4 Tips For Talking To Teens

We’ve likely all heard how important it is to have a strong relationship and open communication with our kids. Studies show that teenagers who are close to their parents are less likely to engage in risky behavior, have higher grades, and typically fare better than those who feel emotionally distant from their families. But exactly how do we get our kids to want to be open up to us? When it comes to adolescents, sometimes it feels like we’re talking to a wall! Here are four tips for talking to teens:

Be A Good Listener

Teens can sense when you’re only talking to them because you intend to give them a lecture, but if you want your child to trust you and open up, sometimes you need to resist the temptation to say anything and simply listen. Particularly when it comes to difficult subjects, being able to just hear out your teen sends the message that you care about what they have to say (not just about what you have to say).

Ask Follow-Up Questions

When your son or daughter is talking about something important to him/her, or when the subject is difficult or sensitive, it can be helpful to ask questions and check for understanding.  You may want to use a reflective listening question such as, “So if I am hearing you correctly, you are feeling _____” or “Help me understand how you are feeling about this. I can see that it is important to you which makes this important to me too.” These types of responses provides clarification, helps make sure you and your child are on the same page, and also shows that you care and are making a strong effort to understand his/her perspective.

Accept Differences

Your child may be your offspring, but your teen is also a different person from you that will likely have some interests and opinions that you do not. A common parenting mantra is to “Pick Your Battles,” and when it comes to things that really don’t have a significant consequence, don’t fight about it! Just accept that he/she may not think like you in every little thing… and that’s okay! It’s important to validate this to your teen as well- as this is a life lesson that they need to learn! It’s okay to have your own opinions and beliefs, that is what is wonderful about you!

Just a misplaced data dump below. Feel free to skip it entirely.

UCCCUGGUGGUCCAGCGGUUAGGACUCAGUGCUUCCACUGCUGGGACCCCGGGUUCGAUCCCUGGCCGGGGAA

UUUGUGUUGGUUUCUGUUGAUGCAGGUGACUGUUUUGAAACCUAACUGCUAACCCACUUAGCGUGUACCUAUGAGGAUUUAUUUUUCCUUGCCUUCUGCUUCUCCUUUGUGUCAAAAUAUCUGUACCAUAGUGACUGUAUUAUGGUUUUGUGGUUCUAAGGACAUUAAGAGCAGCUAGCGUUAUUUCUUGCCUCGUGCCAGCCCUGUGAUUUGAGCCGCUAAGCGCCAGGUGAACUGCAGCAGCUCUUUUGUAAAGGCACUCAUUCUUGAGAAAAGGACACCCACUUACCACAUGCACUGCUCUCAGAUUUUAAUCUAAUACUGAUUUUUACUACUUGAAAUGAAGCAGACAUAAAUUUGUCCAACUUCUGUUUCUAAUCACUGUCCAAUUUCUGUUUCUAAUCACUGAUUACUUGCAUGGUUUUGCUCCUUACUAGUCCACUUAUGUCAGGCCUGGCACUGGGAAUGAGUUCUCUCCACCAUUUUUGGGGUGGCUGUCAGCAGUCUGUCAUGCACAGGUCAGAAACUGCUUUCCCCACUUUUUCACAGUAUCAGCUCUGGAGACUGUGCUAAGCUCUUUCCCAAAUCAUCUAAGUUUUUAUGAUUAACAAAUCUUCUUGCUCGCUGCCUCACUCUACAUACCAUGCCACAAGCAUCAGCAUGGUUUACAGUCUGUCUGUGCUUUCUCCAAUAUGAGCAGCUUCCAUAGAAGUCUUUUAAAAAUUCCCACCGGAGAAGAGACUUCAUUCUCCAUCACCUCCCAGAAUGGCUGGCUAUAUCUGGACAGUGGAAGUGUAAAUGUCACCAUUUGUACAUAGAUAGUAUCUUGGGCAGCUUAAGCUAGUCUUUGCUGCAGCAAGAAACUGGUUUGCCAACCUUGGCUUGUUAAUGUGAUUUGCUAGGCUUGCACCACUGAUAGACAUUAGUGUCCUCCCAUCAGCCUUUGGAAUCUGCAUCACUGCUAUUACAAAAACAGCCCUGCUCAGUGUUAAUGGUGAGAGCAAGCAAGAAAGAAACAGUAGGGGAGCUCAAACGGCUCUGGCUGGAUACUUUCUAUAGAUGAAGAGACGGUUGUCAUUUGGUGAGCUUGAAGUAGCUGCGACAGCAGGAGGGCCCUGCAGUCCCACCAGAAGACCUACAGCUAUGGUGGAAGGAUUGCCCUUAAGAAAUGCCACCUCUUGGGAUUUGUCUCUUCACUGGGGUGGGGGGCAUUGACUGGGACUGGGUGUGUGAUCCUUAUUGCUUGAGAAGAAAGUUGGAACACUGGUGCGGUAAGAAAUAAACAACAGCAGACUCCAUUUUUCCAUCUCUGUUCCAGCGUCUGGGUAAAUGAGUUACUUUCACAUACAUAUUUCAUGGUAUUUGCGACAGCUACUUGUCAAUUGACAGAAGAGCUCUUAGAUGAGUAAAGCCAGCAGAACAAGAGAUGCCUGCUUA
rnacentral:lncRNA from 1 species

Pause Your Own Emotions

When your child tells you something you don’t want to hear, it’s all too easy to feel like you are losing control of your emotions, your temper, and to react with anger. This will work great if you just want to argue, but if you want your teen to trust you and feel comfortable expressing things to you, you need to be able to manage your own feelings. This is hard as a parent, especially when it comes to hot button topics! Think back to picking your battles, and if this topic falls under your top three – take deep breath, don’t react, but communicate how you feel and then take the time to listen to your teen. This doesn’t mean that you won’t need to give a consequences for misbehavior on his/her part, but it does mean that you will be able to think clearly and not damage your relationship with your child.

 

 

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